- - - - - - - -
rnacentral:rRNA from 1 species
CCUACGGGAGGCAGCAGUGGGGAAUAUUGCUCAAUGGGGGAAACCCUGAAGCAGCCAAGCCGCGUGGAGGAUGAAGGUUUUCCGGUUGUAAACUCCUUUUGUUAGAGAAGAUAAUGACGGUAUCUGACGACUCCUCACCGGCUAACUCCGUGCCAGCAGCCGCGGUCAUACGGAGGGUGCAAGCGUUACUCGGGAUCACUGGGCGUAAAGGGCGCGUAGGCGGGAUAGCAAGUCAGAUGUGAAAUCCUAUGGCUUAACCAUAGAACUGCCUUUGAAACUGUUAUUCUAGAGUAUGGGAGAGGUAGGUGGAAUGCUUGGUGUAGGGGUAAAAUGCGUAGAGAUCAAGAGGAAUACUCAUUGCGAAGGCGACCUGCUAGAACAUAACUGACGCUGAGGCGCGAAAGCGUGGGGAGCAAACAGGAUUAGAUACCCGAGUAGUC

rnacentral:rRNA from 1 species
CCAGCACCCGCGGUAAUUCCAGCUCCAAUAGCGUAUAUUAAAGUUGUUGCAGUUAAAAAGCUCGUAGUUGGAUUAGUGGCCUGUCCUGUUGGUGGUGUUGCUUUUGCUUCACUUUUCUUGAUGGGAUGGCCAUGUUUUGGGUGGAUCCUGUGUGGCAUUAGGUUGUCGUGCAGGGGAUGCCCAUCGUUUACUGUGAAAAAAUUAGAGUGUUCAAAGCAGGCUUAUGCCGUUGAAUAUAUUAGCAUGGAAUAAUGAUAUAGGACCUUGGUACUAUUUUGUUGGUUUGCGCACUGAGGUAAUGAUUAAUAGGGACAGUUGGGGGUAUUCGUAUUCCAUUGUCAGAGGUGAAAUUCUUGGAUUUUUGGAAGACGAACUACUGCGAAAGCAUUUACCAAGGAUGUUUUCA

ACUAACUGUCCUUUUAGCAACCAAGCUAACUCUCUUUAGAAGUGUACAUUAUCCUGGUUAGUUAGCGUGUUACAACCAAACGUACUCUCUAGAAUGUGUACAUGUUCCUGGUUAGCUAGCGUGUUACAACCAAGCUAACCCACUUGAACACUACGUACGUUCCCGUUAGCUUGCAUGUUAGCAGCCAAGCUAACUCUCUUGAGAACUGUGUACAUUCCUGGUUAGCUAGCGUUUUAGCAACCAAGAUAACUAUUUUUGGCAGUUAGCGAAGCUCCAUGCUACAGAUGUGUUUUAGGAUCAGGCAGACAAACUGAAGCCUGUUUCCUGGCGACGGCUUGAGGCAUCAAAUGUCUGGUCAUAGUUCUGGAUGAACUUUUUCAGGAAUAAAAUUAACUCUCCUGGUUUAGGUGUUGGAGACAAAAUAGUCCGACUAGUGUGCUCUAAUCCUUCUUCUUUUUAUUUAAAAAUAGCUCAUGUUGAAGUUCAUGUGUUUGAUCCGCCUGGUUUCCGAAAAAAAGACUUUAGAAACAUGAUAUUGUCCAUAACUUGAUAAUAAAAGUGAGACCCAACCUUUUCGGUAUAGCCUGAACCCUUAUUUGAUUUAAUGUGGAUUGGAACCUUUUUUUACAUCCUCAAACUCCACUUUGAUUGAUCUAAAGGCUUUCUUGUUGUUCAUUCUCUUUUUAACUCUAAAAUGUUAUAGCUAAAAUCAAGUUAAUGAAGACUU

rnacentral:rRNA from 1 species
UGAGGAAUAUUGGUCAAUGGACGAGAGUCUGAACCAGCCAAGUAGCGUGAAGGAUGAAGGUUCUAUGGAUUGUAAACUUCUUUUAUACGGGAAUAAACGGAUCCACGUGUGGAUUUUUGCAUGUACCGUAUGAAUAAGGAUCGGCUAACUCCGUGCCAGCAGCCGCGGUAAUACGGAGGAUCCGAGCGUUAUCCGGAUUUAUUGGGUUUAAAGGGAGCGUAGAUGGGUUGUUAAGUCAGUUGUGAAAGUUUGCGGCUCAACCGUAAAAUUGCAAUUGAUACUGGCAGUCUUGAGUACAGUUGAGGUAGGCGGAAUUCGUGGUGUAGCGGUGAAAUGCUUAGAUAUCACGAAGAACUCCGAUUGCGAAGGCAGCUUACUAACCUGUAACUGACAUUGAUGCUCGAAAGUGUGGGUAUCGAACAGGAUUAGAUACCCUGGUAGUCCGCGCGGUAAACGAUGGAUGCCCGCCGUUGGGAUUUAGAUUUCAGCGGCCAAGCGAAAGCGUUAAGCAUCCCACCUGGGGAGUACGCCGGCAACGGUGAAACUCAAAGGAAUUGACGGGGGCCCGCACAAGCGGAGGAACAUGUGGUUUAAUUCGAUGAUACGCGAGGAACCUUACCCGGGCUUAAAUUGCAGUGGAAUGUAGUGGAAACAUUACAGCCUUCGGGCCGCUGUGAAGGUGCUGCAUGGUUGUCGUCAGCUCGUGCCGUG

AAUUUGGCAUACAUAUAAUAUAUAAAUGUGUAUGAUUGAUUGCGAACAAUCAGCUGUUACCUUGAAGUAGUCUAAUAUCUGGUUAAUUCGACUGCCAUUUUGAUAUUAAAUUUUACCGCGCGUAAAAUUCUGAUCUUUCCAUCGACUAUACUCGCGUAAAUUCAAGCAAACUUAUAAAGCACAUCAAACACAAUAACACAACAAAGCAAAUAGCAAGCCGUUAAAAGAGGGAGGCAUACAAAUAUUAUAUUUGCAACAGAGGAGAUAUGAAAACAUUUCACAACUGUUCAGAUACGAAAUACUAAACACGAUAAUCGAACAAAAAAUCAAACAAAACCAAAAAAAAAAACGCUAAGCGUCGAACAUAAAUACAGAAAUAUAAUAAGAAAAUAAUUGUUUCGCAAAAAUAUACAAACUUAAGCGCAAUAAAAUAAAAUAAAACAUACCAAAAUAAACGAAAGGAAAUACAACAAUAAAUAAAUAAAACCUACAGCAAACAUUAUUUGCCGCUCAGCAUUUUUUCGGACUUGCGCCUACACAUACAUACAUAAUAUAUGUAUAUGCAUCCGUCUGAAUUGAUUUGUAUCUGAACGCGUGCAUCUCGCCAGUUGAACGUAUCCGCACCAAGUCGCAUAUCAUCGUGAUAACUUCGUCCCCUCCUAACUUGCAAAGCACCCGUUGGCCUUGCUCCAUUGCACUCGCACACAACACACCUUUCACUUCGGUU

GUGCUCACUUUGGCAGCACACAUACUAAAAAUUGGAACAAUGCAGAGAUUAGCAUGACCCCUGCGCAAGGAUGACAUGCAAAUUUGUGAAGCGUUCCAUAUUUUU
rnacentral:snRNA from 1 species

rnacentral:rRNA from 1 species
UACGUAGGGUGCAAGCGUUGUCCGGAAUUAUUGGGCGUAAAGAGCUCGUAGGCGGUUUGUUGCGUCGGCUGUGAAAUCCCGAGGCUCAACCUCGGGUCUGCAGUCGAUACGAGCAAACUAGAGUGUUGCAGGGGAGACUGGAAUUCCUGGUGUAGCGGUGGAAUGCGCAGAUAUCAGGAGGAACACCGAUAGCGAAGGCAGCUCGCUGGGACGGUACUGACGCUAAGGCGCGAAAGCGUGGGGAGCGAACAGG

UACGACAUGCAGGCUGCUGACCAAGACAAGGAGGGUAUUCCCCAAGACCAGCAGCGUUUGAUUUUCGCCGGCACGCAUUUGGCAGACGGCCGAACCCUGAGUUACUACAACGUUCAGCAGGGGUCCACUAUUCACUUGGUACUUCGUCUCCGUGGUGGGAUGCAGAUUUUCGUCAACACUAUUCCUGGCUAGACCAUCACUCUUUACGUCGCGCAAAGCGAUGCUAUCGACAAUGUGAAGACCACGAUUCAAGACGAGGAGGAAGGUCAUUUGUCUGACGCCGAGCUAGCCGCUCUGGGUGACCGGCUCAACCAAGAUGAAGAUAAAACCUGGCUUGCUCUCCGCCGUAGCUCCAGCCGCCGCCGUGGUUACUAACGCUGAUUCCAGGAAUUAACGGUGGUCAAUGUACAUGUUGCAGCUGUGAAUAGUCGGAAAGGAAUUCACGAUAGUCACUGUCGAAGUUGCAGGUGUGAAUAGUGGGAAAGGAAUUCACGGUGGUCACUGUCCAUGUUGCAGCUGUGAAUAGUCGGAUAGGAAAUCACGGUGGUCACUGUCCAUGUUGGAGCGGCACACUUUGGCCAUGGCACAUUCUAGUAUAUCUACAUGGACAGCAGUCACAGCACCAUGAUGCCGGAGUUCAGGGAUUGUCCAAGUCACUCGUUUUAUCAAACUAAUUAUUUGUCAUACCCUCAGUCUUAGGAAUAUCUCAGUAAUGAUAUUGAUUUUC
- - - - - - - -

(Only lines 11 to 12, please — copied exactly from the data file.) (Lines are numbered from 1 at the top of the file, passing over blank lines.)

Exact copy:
rnacentral:rRNA from 1 species
UACGUAGGGUGCAAGCGUUGUCCGGAAUUAUUGGGCGUAAAGAGCUCGUAGGCGGUUUGUUGCGUCGGCUGUGAAAUCCCGAGGCUCAACCUCGGGUCUGCAGUCGAUACGAGCAAACUAGAGUGUUGCAGGGGAGACUGGAAUUCCUGGUGUAGCGGUGGAAUGCGCAGAUAUCAGGAGGAACACCGAUAGCGAAGGCAGCUCGCUGGGACGGUACUGACGCUAAGGCGCGAAAGCGUGGGGAGCGAACAGG